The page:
Perhaps equally as cosmopolitan across our vast continent is the White-breasted Nuthatch. Unlike its smaller cousin, this species is primarily found in deciduous forest. They are mostly non-migratory, choosing to remain on a home range year-round. Despite being very common, surprisingly little is known about their habits during the breeding season, when they are silent, tending young in tough-to-access natural cavities.
During the nonbreeding season, White-breasted Nuthatches are commonly associated with mixed foraging flocks that ramble through their territories. You might also catch them at a backyard feeding station, taking seeds to cache for later (Petit et al. 1989). Like the Red-breasted Nuthatch, they often make themselves known with a “yank, yank, yank”. Don’t be confused by this identical descriptor, the White-breasteds “yanking” is noticeably lower in pitch and less nasally.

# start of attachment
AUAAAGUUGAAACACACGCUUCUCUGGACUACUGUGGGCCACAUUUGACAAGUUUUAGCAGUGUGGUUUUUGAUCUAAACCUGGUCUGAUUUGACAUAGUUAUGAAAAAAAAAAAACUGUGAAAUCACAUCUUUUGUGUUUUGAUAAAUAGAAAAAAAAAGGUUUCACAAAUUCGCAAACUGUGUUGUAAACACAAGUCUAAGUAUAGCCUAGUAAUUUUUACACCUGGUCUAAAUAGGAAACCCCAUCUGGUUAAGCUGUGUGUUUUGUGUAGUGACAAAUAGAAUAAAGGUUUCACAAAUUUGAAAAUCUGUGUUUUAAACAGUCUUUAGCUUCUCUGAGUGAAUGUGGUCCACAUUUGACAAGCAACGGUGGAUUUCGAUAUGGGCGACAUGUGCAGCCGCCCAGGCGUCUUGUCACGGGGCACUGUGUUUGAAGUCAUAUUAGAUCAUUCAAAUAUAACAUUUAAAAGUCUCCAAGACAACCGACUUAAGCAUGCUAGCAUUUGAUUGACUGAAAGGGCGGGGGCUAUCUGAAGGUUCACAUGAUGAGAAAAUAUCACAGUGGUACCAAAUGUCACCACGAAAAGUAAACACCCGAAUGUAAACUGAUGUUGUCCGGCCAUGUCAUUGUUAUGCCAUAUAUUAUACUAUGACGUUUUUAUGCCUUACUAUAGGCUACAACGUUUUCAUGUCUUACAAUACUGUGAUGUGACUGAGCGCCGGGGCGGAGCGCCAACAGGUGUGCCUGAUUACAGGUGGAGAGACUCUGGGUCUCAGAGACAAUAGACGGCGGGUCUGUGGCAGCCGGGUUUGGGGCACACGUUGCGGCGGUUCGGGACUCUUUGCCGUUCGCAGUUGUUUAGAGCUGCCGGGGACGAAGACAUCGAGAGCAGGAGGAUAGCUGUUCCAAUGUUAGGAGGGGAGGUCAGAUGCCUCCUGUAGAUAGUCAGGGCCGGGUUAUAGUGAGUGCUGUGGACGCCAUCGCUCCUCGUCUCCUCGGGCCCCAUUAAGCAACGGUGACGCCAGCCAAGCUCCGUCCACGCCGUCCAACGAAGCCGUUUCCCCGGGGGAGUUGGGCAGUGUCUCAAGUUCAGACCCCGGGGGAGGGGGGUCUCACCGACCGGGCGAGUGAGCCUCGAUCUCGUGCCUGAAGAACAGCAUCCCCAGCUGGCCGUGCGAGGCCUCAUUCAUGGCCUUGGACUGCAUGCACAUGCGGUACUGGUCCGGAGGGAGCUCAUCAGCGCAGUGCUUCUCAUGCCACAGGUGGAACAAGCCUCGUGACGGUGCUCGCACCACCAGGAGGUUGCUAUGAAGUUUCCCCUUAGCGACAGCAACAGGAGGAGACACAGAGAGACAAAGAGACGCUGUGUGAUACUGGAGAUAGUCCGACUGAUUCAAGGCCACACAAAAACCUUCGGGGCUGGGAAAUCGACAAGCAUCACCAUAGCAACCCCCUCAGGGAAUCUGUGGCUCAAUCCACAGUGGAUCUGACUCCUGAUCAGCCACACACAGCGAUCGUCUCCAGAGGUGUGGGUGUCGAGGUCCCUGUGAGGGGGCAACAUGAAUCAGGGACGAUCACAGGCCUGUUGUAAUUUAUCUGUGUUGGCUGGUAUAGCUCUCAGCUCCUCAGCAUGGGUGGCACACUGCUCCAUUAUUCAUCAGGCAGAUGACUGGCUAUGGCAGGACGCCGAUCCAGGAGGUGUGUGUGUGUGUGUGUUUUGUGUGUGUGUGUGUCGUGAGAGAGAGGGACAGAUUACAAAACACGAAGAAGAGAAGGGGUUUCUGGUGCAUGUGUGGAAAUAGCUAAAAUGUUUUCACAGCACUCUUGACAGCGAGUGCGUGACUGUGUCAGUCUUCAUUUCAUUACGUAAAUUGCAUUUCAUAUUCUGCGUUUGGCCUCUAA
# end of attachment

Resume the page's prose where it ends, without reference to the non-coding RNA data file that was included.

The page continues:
The life of the White-breasted Nuthatch seems peachy at this point, but I have yet to mention the species may be an imposter! A few studies during the last decade show some significant genetic differences among several major groups of White-breasted Nuthatches (Spellman and Klicka 2007, Walstrom et al. 2012). While the American Ornithological Society failed to split the species in 2013, their interest was piqued for future conversations. If compelling results end in a species split, North Americans would have at least 3 more nuthatches on our hands: Carolina Nuthatch, Rocky Mountain Nuthatch, and Slender-billed Nuthatch. These groups of our current White-breasted Nuthatch are not only distinct genetically—which is what really matters when splitting—but also distinct in plumage, bill characteristics, and vocalizations.